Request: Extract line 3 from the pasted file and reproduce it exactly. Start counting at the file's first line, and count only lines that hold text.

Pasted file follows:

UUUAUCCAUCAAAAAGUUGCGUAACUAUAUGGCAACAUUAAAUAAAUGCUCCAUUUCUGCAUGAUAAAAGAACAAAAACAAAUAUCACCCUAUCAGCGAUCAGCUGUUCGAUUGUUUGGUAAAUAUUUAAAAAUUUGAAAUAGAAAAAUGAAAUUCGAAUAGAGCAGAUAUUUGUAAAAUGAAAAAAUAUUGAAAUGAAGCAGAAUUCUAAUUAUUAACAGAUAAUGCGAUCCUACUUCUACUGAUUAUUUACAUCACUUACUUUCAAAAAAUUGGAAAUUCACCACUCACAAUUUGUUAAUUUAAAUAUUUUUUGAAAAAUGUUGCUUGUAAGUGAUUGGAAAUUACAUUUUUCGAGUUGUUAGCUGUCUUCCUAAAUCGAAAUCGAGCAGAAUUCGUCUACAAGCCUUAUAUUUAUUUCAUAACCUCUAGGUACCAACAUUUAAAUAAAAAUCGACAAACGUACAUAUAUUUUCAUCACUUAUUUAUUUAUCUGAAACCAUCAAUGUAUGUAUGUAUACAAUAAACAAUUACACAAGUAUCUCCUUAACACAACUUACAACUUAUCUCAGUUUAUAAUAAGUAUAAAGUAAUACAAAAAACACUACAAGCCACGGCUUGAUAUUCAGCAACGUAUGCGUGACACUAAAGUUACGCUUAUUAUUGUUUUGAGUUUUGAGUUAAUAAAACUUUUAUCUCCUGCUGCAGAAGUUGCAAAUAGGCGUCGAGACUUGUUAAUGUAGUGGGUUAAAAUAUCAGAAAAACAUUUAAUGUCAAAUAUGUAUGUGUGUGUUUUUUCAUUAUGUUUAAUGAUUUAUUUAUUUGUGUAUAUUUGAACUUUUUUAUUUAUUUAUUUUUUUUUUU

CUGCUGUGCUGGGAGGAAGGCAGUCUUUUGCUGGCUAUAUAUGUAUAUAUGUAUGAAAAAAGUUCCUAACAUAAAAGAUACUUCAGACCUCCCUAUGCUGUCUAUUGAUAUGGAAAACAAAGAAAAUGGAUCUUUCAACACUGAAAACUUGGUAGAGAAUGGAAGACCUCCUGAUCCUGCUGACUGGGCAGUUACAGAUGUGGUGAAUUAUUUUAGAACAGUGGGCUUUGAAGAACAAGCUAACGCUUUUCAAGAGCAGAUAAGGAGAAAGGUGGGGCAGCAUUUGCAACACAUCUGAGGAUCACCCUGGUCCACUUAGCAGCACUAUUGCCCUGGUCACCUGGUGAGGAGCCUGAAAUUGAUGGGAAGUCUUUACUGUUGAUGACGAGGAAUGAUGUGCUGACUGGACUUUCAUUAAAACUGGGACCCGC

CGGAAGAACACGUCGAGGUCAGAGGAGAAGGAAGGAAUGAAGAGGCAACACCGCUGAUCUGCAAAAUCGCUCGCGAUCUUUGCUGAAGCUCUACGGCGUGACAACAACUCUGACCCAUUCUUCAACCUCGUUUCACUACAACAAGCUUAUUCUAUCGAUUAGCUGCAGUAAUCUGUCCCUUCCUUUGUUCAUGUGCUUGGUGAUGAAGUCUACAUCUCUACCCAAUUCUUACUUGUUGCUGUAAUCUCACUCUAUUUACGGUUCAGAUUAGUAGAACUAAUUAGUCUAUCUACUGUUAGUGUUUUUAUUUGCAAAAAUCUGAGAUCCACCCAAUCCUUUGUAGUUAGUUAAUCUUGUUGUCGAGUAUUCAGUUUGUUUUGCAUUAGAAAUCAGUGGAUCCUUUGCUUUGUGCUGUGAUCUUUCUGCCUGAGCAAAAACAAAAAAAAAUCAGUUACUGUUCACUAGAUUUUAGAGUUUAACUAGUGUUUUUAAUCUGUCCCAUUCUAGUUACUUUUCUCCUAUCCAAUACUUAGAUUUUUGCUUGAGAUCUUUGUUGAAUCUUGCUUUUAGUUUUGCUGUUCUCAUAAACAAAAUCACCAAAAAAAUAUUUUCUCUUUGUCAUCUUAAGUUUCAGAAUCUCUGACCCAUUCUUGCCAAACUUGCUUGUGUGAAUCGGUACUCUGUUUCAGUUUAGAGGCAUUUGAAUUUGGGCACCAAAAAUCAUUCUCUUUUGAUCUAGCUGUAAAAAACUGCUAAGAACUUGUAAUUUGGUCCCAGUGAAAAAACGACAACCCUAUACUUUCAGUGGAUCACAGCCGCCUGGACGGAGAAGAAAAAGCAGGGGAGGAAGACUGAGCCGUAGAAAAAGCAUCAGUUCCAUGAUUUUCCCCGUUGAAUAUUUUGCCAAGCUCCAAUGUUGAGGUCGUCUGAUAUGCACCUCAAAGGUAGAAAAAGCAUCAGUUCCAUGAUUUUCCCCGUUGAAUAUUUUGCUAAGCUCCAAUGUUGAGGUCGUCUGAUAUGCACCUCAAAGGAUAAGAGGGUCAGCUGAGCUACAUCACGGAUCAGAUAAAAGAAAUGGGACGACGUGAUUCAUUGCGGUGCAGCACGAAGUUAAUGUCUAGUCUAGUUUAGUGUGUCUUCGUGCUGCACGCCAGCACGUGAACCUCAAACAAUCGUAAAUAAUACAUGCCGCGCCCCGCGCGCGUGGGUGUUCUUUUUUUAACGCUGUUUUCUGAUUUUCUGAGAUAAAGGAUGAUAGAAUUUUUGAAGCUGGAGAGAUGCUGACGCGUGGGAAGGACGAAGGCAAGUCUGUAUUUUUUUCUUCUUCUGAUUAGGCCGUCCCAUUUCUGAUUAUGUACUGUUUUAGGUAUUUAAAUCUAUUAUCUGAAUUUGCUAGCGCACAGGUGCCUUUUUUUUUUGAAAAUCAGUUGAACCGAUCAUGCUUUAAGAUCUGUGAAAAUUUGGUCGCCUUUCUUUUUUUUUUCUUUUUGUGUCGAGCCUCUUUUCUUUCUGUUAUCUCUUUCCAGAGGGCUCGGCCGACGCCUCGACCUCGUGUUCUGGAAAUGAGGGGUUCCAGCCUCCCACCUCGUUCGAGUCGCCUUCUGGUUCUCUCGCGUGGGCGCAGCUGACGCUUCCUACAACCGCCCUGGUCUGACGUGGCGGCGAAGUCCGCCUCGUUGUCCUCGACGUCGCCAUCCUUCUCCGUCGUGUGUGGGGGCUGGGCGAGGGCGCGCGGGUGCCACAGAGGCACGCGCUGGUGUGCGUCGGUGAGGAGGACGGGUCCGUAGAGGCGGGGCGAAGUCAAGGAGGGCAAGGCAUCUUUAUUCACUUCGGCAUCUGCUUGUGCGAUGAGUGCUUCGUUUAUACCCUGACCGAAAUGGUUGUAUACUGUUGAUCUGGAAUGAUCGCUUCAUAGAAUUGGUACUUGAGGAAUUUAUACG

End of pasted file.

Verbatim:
CGGAAGAACACGUCGAGGUCAGAGGAGAAGGAAGGAAUGAAGAGGCAACACCGCUGAUCUGCAAAAUCGCUCGCGAUCUUUGCUGAAGCUCUACGGCGUGACAACAACUCUGACCCAUUCUUCAACCUCGUUUCACUACAACAAGCUUAUUCUAUCGAUUAGCUGCAGUAAUCUGUCCCUUCCUUUGUUCAUGUGCUUGGUGAUGAAGUCUACAUCUCUACCCAAUUCUUACUUGUUGCUGUAAUCUCACUCUAUUUACGGUUCAGAUUAGUAGAACUAAUUAGUCUAUCUACUGUUAGUGUUUUUAUUUGCAAAAAUCUGAGAUCCACCCAAUCCUUUGUAGUUAGUUAAUCUUGUUGUCGAGUAUUCAGUUUGUUUUGCAUUAGAAAUCAGUGGAUCCUUUGCUUUGUGCUGUGAUCUUUCUGCCUGAGCAAAAACAAAAAAAAAUCAGUUACUGUUCACUAGAUUUUAGAGUUUAACUAGUGUUUUUAAUCUGUCCCAUUCUAGUUACUUUUCUCCUAUCCAAUACUUAGAUUUUUGCUUGAGAUCUUUGUUGAAUCUUGCUUUUAGUUUUGCUGUUCUCAUAAACAAAAUCACCAAAAAAAUAUUUUCUCUUUGUCAUCUUAAGUUUCAGAAUCUCUGACCCAUUCUUGCCAAACUUGCUUGUGUGAAUCGGUACUCUGUUUCAGUUUAGAGGCAUUUGAAUUUGGGCACCAAAAAUCAUUCUCUUUUGAUCUAGCUGUAAAAAACUGCUAAGAACUUGUAAUUUGGUCCCAGUGAAAAAACGACAACCCUAUACUUUCAGUGGAUCACAGCCGCCUGGACGGAGAAGAAAAAGCAGGGGAGGAAGACUGAGCCGUAGAAAAAGCAUCAGUUCCAUGAUUUUCCCCGUUGAAUAUUUUGCCAAGCUCCAAUGUUGAGGUCGUCUGAUAUGCACCUCAAAGGUAGAAAAAGCAUCAGUUCCAUGAUUUUCCCCGUUGAAUAUUUUGCUAAGCUCCAAUGUUGAGGUCGUCUGAUAUGCACCUCAAAGGAUAAGAGGGUCAGCUGAGCUACAUCACGGAUCAGAUAAAAGAAAUGGGACGACGUGAUUCAUUGCGGUGCAGCACGAAGUUAAUGUCUAGUCUAGUUUAGUGUGUCUUCGUGCUGCACGCCAGCACGUGAACCUCAAACAAUCGUAAAUAAUACAUGCCGCGCCCCGCGCGCGUGGGUGUUCUUUUUUUAACGCUGUUUUCUGAUUUUCUGAGAUAAAGGAUGAUAGAAUUUUUGAAGCUGGAGAGAUGCUGACGCGUGGGAAGGACGAAGGCAAGUCUGUAUUUUUUUCUUCUUCUGAUUAGGCCGUCCCAUUUCUGAUUAUGUACUGUUUUAGGUAUUUAAAUCUAUUAUCUGAAUUUGCUAGCGCACAGGUGCCUUUUUUUUUUGAAAAUCAGUUGAACCGAUCAUGCUUUAAGAUCUGUGAAAAUUUGGUCGCCUUUCUUUUUUUUUUCUUUUUGUGUCGAGCCUCUUUUCUUUCUGUUAUCUCUUUCCAGAGGGCUCGGCCGACGCCUCGACCUCGUGUUCUGGAAAUGAGGGGUUCCAGCCUCCCACCUCGUUCGAGUCGCCUUCUGGUUCUCUCGCGUGGGCGCAGCUGACGCUUCCUACAACCGCCCUGGUCUGACGUGGCGGCGAAGUCCGCCUCGUUGUCCUCGACGUCGCCAUCCUUCUCCGUCGUGUGUGGGGGCUGGGCGAGGGCGCGCGGGUGCCACAGAGGCACGCGCUGGUGUGCGUCGGUGAGGAGGACGGGUCCGUAGAGGCGGGGCGAAGUCAAGGAGGGCAAGGCAUCUUUAUUCACUUCGGCAUCUGCUUGUGCGAUGAGUGCUUCGUUUAUACCCUGACCGAAAUGGUUGUAUACUGUUGAUCUGGAAUGAUCGCUUCAUAGAAUUGGUACUUGAGGAAUUUAUACG